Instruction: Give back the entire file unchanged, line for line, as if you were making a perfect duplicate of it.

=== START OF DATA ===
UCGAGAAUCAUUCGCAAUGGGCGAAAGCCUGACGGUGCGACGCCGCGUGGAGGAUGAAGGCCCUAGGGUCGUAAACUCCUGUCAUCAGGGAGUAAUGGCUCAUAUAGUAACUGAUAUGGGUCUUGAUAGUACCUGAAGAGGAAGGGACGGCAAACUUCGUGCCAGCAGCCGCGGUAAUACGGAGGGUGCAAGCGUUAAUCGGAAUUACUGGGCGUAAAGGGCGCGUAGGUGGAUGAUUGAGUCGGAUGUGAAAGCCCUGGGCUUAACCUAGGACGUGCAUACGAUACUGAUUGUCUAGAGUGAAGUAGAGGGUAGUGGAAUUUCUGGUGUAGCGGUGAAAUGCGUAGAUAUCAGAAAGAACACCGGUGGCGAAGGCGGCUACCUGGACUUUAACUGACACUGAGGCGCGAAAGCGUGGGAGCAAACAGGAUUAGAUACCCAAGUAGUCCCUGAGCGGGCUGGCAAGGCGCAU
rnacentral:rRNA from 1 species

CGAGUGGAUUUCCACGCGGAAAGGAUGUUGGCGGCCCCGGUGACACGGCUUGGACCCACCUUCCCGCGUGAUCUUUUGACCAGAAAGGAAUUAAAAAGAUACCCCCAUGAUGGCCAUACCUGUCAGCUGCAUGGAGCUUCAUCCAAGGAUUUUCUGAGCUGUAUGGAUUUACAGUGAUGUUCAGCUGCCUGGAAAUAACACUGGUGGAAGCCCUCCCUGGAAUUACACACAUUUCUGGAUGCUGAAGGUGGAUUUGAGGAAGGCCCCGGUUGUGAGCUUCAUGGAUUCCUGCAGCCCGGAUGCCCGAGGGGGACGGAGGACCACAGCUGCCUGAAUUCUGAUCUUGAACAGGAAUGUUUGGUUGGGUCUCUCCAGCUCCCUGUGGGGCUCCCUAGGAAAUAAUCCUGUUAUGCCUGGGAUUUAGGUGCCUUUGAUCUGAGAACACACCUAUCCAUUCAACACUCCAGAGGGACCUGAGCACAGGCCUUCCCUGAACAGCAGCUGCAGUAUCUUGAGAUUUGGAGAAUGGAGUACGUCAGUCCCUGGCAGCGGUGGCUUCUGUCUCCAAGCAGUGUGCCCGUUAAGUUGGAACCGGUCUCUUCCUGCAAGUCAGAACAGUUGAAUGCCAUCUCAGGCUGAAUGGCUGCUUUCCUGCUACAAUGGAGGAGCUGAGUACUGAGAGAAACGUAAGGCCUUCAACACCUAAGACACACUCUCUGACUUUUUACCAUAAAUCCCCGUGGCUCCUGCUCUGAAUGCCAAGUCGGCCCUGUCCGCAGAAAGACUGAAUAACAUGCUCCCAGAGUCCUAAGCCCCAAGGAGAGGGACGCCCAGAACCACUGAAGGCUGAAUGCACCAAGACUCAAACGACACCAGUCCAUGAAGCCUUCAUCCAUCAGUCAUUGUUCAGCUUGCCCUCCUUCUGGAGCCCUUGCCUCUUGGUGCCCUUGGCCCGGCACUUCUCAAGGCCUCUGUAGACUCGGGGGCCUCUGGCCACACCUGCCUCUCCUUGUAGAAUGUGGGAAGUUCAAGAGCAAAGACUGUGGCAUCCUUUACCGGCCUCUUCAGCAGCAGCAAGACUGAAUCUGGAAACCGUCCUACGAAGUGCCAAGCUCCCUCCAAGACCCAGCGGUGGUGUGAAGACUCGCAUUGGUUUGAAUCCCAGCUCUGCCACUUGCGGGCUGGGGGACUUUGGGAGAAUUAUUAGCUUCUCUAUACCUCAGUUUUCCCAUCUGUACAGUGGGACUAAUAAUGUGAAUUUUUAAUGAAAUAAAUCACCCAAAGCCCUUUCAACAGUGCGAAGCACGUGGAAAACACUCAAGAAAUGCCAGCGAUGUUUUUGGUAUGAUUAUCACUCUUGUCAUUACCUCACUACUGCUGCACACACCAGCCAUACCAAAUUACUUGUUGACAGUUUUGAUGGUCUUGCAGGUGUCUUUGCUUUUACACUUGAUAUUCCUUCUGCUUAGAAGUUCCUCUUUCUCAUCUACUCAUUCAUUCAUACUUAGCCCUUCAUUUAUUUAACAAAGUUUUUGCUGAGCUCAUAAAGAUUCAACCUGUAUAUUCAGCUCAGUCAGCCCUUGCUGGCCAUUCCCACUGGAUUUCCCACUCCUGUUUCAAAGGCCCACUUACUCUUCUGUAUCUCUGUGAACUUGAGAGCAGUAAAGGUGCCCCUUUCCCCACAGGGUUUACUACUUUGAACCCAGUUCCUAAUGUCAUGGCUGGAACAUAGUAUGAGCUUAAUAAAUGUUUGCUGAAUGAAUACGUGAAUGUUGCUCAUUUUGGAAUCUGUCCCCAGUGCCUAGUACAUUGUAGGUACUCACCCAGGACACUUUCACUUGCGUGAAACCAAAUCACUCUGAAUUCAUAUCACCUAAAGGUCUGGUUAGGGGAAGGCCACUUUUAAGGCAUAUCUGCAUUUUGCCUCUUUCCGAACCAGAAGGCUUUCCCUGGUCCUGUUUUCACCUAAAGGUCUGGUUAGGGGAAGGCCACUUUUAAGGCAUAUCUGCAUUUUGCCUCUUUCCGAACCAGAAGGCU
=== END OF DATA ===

UCGAGAAUCAUUCGCAAUGGGCGAAAGCCUGACGGUGCGACGCCGCGUGGAGGAUGAAGGCCCUAGGGUCGUAAACUCCUGUCAUCAGGGAGUAAUGGCUCAUAUAGUAACUGAUAUGGGUCUUGAUAGUACCUGAAGAGGAAGGGACGGCAAACUUCGUGCCAGCAGCCGCGGUAAUACGGAGGGUGCAAGCGUUAAUCGGAAUUACUGGGCGUAAAGGGCGCGUAGGUGGAUGAUUGAGUCGGAUGUGAAAGCCCUGGGCUUAACCUAGGACGUGCAUACGAUACUGAUUGUCUAGAGUGAAGUAGAGGGUAGUGGAAUUUCUGGUGUAGCGGUGAAAUGCGUAGAUAUCAGAAAGAACACCGGUGGCGAAGGCGGCUACCUGGACUUUAACUGACACUGAGGCGCGAAAGCGUGGGAGCAAACAGGAUUAGAUACCCAAGUAGUCCCUGAGCGGGCUGGCAAGGCGCAU
rnacentral:rRNA from 1 species

CGAGUGGAUUUCCACGCGGAAAGGAUGUUGGCGGCCCCGGUGACACGGCUUGGACCCACCUUCCCGCGUGAUCUUUUGACCAGAAAGGAAUUAAAAAGAUACCCCCAUGAUGGCCAUACCUGUCAGCUGCAUGGAGCUUCAUCCAAGGAUUUUCUGAGCUGUAUGGAUUUACAGUGAUGUUCAGCUGCCUGGAAAUAACACUGGUGGAAGCCCUCCCUGGAAUUACACACAUUUCUGGAUGCUGAAGGUGGAUUUGAGGAAGGCCCCGGUUGUGAGCUUCAUGGAUUCCUGCAGCCCGGAUGCCCGAGGGGGACGGAGGACCACAGCUGCCUGAAUUCUGAUCUUGAACAGGAAUGUUUGGUUGGGUCUCUCCAGCUCCCUGUGGGGCUCCCUAGGAAAUAAUCCUGUUAUGCCUGGGAUUUAGGUGCCUUUGAUCUGAGAACACACCUAUCCAUUCAACACUCCAGAGGGACCUGAGCACAGGCCUUCCCUGAACAGCAGCUGCAGUAUCUUGAGAUUUGGAGAAUGGAGUACGUCAGUCCCUGGCAGCGGUGGCUUCUGUCUCCAAGCAGUGUGCCCGUUAAGUUGGAACCGGUCUCUUCCUGCAAGUCAGAACAGUUGAAUGCCAUCUCAGGCUGAAUGGCUGCUUUCCUGCUACAAUGGAGGAGCUGAGUACUGAGAGAAACGUAAGGCCUUCAACACCUAAGACACACUCUCUGACUUUUUACCAUAAAUCCCCGUGGCUCCUGCUCUGAAUGCCAAGUCGGCCCUGUCCGCAGAAAGACUGAAUAACAUGCUCCCAGAGUCCUAAGCCCCAAGGAGAGGGACGCCCAGAACCACUGAAGGCUGAAUGCACCAAGACUCAAACGACACCAGUCCAUGAAGCCUUCAUCCAUCAGUCAUUGUUCAGCUUGCCCUCCUUCUGGAGCCCUUGCCUCUUGGUGCCCUUGGCCCGGCACUUCUCAAGGCCUCUGUAGACUCGGGGGCCUCUGGCCACACCUGCCUCUCCUUGUAGAAUGUGGGAAGUUCAAGAGCAAAGACUGUGGCAUCCUUUACCGGCCUCUUCAGCAGCAGCAAGACUGAAUCUGGAAACCGUCCUACGAAGUGCCAAGCUCCCUCCAAGACCCAGCGGUGGUGUGAAGACUCGCAUUGGUUUGAAUCCCAGCUCUGCCACUUGCGGGCUGGGGGACUUUGGGAGAAUUAUUAGCUUCUCUAUACCUCAGUUUUCCCAUCUGUACAGUGGGACUAAUAAUGUGAAUUUUUAAUGAAAUAAAUCACCCAAAGCCCUUUCAACAGUGCGAAGCACGUGGAAAACACUCAAGAAAUGCCAGCGAUGUUUUUGGUAUGAUUAUCACUCUUGUCAUUACCUCACUACUGCUGCACACACCAGCCAUACCAAAUUACUUGUUGACAGUUUUGAUGGUCUUGCAGGUGUCUUUGCUUUUACACUUGAUAUUCCUUCUGCUUAGAAGUUCCUCUUUCUCAUCUACUCAUUCAUUCAUACUUAGCCCUUCAUUUAUUUAACAAAGUUUUUGCUGAGCUCAUAAAGAUUCAACCUGUAUAUUCAGCUCAGUCAGCCCUUGCUGGCCAUUCCCACUGGAUUUCCCACUCCUGUUUCAAAGGCCCACUUACUCUUCUGUAUCUCUGUGAACUUGAGAGCAGUAAAGGUGCCCCUUUCCCCACAGGGUUUACUACUUUGAACCCAGUUCCUAAUGUCAUGGCUGGAACAUAGUAUGAGCUUAAUAAAUGUUUGCUGAAUGAAUACGUGAAUGUUGCUCAUUUUGGAAUCUGUCCCCAGUGCCUAGUACAUUGUAGGUACUCACCCAGGACACUUUCACUUGCGUGAAACCAAAUCACUCUGAAUUCAUAUCACCUAAAGGUCUGGUUAGGGGAAGGCCACUUUUAAGGCAUAUCUGCAUUUUGCCUCUUUCCGAACCAGAAGGCUUUCCCUGGUCCUGUUUUCACCUAAAGGUCUGGUUAGGGGAAGGCCACUUUUAAGGCAUAUCUGCAUUUUGCCUCUUUCCGAACCAGAAGGCU